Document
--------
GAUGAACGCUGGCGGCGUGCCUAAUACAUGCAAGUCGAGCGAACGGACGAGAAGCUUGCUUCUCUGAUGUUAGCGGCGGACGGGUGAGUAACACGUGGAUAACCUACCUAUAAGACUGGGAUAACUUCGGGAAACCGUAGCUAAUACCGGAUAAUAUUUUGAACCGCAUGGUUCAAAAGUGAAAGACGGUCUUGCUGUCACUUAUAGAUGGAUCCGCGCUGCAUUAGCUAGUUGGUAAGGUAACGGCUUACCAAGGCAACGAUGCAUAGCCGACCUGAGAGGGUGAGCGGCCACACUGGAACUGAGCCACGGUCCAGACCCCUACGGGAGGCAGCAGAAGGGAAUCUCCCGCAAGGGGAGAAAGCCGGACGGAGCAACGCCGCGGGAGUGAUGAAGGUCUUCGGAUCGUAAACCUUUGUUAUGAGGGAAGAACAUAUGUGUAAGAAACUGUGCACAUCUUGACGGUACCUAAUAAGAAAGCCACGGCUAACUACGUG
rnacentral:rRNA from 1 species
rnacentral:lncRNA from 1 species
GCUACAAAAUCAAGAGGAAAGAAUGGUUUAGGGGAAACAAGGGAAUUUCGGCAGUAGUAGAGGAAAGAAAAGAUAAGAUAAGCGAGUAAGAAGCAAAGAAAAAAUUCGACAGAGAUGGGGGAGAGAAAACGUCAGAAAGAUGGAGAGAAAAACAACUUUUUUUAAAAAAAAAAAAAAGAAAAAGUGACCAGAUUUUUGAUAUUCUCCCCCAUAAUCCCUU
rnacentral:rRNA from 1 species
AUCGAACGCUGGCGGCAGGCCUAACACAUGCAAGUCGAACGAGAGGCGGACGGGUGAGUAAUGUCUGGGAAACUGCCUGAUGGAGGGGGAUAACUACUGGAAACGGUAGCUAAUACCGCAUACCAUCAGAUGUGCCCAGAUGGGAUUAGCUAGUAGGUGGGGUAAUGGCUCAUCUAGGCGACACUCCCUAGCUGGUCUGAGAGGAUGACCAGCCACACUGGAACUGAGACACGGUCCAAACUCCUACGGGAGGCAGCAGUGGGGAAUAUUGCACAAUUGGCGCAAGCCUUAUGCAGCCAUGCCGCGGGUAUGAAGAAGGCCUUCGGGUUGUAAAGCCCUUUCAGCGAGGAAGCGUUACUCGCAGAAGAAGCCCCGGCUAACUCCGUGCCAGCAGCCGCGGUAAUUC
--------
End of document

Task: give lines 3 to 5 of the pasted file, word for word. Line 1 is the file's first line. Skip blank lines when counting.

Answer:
rnacentral:lncRNA from 1 species
GCUACAAAAUCAAGAGGAAAGAAUGGUUUAGGGGAAACAAGGGAAUUUCGGCAGUAGUAGAGGAAAGAAAAGAUAAGAUAAGCGAGUAAGAAGCAAAGAAAAAAUUCGACAGAGAUGGGGGAGAGAAAACGUCAGAAAGAUGGAGAGAAAAACAACUUUUUUUAAAAAAAAAAAAAAGAAAAAGUGACCAGAUUUUUGAUAUUCUCCCCCAUAAUCCCUU
rnacentral:rRNA from 1 species